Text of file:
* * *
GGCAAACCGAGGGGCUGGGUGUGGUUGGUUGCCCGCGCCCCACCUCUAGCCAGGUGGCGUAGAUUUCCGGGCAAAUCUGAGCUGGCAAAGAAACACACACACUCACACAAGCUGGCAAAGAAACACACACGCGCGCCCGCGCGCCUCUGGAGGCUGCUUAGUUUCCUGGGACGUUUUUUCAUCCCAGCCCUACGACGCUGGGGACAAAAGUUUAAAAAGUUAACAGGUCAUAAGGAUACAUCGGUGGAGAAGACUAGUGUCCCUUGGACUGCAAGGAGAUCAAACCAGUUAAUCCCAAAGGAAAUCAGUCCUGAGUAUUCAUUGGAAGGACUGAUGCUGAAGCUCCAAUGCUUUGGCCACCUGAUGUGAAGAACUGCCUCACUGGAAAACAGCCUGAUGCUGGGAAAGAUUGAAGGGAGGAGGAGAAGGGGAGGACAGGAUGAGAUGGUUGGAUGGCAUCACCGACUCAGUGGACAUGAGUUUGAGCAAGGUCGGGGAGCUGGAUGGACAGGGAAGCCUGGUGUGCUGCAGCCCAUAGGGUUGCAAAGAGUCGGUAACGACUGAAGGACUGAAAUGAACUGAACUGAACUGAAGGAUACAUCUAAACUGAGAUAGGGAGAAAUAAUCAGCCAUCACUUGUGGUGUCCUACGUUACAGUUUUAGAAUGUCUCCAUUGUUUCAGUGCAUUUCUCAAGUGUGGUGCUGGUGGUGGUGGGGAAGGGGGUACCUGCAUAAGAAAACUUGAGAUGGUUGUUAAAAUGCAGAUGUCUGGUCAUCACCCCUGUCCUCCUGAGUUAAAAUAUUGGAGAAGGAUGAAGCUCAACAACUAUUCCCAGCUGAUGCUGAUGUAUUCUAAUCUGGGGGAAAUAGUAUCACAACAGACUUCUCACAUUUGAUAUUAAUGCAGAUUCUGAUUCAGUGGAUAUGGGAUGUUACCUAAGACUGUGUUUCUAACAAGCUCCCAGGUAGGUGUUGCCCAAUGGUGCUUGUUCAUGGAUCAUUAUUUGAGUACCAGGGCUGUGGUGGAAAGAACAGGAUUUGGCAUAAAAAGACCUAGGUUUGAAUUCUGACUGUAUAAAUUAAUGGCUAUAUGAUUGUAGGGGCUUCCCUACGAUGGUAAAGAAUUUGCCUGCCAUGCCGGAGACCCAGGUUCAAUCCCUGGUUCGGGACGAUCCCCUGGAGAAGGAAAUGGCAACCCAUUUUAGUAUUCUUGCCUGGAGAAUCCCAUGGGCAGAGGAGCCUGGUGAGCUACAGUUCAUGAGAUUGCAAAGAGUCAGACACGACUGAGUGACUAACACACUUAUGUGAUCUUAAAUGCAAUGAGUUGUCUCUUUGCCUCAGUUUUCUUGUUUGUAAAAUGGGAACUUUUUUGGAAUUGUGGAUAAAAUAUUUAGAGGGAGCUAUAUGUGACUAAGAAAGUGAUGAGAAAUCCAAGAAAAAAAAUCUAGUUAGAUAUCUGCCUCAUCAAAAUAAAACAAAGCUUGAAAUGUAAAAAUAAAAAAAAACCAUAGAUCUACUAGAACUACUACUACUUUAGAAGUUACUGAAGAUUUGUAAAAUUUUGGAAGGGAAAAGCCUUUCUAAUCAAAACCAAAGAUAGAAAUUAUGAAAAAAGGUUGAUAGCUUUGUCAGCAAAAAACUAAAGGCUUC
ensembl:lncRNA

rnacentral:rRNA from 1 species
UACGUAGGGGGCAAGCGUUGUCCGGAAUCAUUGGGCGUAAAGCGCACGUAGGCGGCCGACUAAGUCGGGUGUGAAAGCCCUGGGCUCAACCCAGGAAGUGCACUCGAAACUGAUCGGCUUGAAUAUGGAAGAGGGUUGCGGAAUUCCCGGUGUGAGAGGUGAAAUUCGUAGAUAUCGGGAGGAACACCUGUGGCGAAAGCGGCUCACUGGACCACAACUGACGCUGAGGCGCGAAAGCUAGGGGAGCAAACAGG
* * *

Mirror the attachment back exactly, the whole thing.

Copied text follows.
GGCAAACCGAGGGGCUGGGUGUGGUUGGUUGCCCGCGCCCCACCUCUAGCCAGGUGGCGUAGAUUUCCGGGCAAAUCUGAGCUGGCAAAGAAACACACACACUCACACAAGCUGGCAAAGAAACACACACGCGCGCCCGCGCGCCUCUGGAGGCUGCUUAGUUUCCUGGGACGUUUUUUCAUCCCAGCCCUACGACGCUGGGGACAAAAGUUUAAAAAGUUAACAGGUCAUAAGGAUACAUCGGUGGAGAAGACUAGUGUCCCUUGGACUGCAAGGAGAUCAAACCAGUUAAUCCCAAAGGAAAUCAGUCCUGAGUAUUCAUUGGAAGGACUGAUGCUGAAGCUCCAAUGCUUUGGCCACCUGAUGUGAAGAACUGCCUCACUGGAAAACAGCCUGAUGCUGGGAAAGAUUGAAGGGAGGAGGAGAAGGGGAGGACAGGAUGAGAUGGUUGGAUGGCAUCACCGACUCAGUGGACAUGAGUUUGAGCAAGGUCGGGGAGCUGGAUGGACAGGGAAGCCUGGUGUGCUGCAGCCCAUAGGGUUGCAAAGAGUCGGUAACGACUGAAGGACUGAAAUGAACUGAACUGAACUGAAGGAUACAUCUAAACUGAGAUAGGGAGAAAUAAUCAGCCAUCACUUGUGGUGUCCUACGUUACAGUUUUAGAAUGUCUCCAUUGUUUCAGUGCAUUUCUCAAGUGUGGUGCUGGUGGUGGUGGGGAAGGGGGUACCUGCAUAAGAAAACUUGAGAUGGUUGUUAAAAUGCAGAUGUCUGGUCAUCACCCCUGUCCUCCUGAGUUAAAAUAUUGGAGAAGGAUGAAGCUCAACAACUAUUCCCAGCUGAUGCUGAUGUAUUCUAAUCUGGGGGAAAUAGUAUCACAACAGACUUCUCACAUUUGAUAUUAAUGCAGAUUCUGAUUCAGUGGAUAUGGGAUGUUACCUAAGACUGUGUUUCUAACAAGCUCCCAGGUAGGUGUUGCCCAAUGGUGCUUGUUCAUGGAUCAUUAUUUGAGUACCAGGGCUGUGGUGGAAAGAACAGGAUUUGGCAUAAAAAGACCUAGGUUUGAAUUCUGACUGUAUAAAUUAAUGGCUAUAUGAUUGUAGGGGCUUCCCUACGAUGGUAAAGAAUUUGCCUGCCAUGCCGGAGACCCAGGUUCAAUCCCUGGUUCGGGACGAUCCCCUGGAGAAGGAAAUGGCAACCCAUUUUAGUAUUCUUGCCUGGAGAAUCCCAUGGGCAGAGGAGCCUGGUGAGCUACAGUUCAUGAGAUUGCAAAGAGUCAGACACGACUGAGUGACUAACACACUUAUGUGAUCUUAAAUGCAAUGAGUUGUCUCUUUGCCUCAGUUUUCUUGUUUGUAAAAUGGGAACUUUUUUGGAAUUGUGGAUAAAAUAUUUAGAGGGAGCUAUAUGUGACUAAGAAAGUGAUGAGAAAUCCAAGAAAAAAAAUCUAGUUAGAUAUCUGCCUCAUCAAAAUAAAACAAAGCUUGAAAUGUAAAAAUAAAAAAAAACCAUAGAUCUACUAGAACUACUACUACUUUAGAAGUUACUGAAGAUUUGUAAAAUUUUGGAAGGGAAAAGCCUUUCUAAUCAAAACCAAAGAUAGAAAUUAUGAAAAAAGGUUGAUAGCUUUGUCAGCAAAAAACUAAAGGCUUC
ensembl:lncRNA

rnacentral:rRNA from 1 species
UACGUAGGGGGCAAGCGUUGUCCGGAAUCAUUGGGCGUAAAGCGCACGUAGGCGGCCGACUAAGUCGGGUGUGAAAGCCCUGGGCUCAACCCAGGAAGUGCACUCGAAACUGAUCGGCUUGAAUAUGGAAGAGGGUUGCGGAAUUCCCGGUGUGAGAGGUGAAAUUCGUAGAUAUCGGGAGGAACACCUGUGGCGAAAGCGGCUCACUGGACCACAACUGACGCUGAGGCGCGAAAGCUAGGGGAGCAAACAGG